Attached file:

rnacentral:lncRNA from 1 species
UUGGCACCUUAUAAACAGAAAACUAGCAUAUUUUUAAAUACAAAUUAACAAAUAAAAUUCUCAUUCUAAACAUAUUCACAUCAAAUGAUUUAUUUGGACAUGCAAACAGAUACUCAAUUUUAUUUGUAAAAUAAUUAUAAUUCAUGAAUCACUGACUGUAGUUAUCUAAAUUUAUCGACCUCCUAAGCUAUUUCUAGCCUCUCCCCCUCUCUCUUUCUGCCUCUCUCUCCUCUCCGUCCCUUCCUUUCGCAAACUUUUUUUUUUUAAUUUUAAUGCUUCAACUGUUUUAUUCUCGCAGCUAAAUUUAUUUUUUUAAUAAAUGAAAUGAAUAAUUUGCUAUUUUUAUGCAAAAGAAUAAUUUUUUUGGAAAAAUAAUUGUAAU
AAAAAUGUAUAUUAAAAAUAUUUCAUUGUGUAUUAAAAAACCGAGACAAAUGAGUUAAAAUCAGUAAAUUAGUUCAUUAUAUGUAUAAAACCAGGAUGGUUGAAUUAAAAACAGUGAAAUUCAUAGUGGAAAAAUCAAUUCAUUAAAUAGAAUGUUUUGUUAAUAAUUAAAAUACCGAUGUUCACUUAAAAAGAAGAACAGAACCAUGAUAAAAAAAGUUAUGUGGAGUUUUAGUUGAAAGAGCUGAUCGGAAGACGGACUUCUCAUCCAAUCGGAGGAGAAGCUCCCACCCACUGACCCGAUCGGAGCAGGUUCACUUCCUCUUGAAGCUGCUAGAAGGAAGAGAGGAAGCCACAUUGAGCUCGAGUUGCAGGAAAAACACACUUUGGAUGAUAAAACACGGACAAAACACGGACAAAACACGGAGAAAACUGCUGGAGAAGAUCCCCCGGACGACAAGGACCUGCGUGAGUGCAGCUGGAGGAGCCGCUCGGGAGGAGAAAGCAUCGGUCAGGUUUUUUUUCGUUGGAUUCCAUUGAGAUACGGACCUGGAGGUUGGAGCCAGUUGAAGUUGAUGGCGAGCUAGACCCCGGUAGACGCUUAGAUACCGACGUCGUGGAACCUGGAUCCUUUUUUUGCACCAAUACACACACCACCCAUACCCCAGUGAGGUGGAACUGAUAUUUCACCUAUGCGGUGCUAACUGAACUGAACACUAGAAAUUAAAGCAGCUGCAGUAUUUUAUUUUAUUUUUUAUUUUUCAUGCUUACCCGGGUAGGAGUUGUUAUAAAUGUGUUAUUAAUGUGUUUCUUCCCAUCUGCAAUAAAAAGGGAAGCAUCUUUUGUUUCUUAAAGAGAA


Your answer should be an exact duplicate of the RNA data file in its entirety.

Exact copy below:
rnacentral:lncRNA from 1 species
UUGGCACCUUAUAAACAGAAAACUAGCAUAUUUUUAAAUACAAAUUAACAAAUAAAAUUCUCAUUCUAAACAUAUUCACAUCAAAUGAUUUAUUUGGACAUGCAAACAGAUACUCAAUUUUAUUUGUAAAAUAAUUAUAAUUCAUGAAUCACUGACUGUAGUUAUCUAAAUUUAUCGACCUCCUAAGCUAUUUCUAGCCUCUCCCCCUCUCUCUUUCUGCCUCUCUCUCCUCUCCGUCCCUUCCUUUCGCAAACUUUUUUUUUUUAAUUUUAAUGCUUCAACUGUUUUAUUCUCGCAGCUAAAUUUAUUUUUUUAAUAAAUGAAAUGAAUAAUUUGCUAUUUUUAUGCAAAAGAAUAAUUUUUUUGGAAAAAUAAUUGUAAU
AAAAAUGUAUAUUAAAAAUAUUUCAUUGUGUAUUAAAAAACCGAGACAAAUGAGUUAAAAUCAGUAAAUUAGUUCAUUAUAUGUAUAAAACCAGGAUGGUUGAAUUAAAAACAGUGAAAUUCAUAGUGGAAAAAUCAAUUCAUUAAAUAGAAUGUUUUGUUAAUAAUUAAAAUACCGAUGUUCACUUAAAAAGAAGAACAGAACCAUGAUAAAAAAAGUUAUGUGGAGUUUUAGUUGAAAGAGCUGAUCGGAAGACGGACUUCUCAUCCAAUCGGAGGAGAAGCUCCCACCCACUGACCCGAUCGGAGCAGGUUCACUUCCUCUUGAAGCUGCUAGAAGGAAGAGAGGAAGCCACAUUGAGCUCGAGUUGCAGGAAAAACACACUUUGGAUGAUAAAACACGGACAAAACACGGACAAAACACGGAGAAAACUGCUGGAGAAGAUCCCCCGGACGACAAGGACCUGCGUGAGUGCAGCUGGAGGAGCCGCUCGGGAGGAGAAAGCAUCGGUCAGGUUUUUUUUCGUUGGAUUCCAUUGAGAUACGGACCUGGAGGUUGGAGCCAGUUGAAGUUGAUGGCGAGCUAGACCCCGGUAGACGCUUAGAUACCGACGUCGUGGAACCUGGAUCCUUUUUUUGCACCAAUACACACACCACCCAUACCCCAGUGAGGUGGAACUGAUAUUUCACCUAUGCGGUGCUAACUGAACUGAACACUAGAAAUUAAAGCAGCUGCAGUAUUUUAUUUUAUUUUUUAUUUUUCAUGCUUACCCGGGUAGGAGUUGUUAUAAAUGUGUUAUUAAUGUGUUUCUUCCCAUCUGCAAUAAAAAGGGAAGCAUCUUUUGUUUCUUAAAGAGAA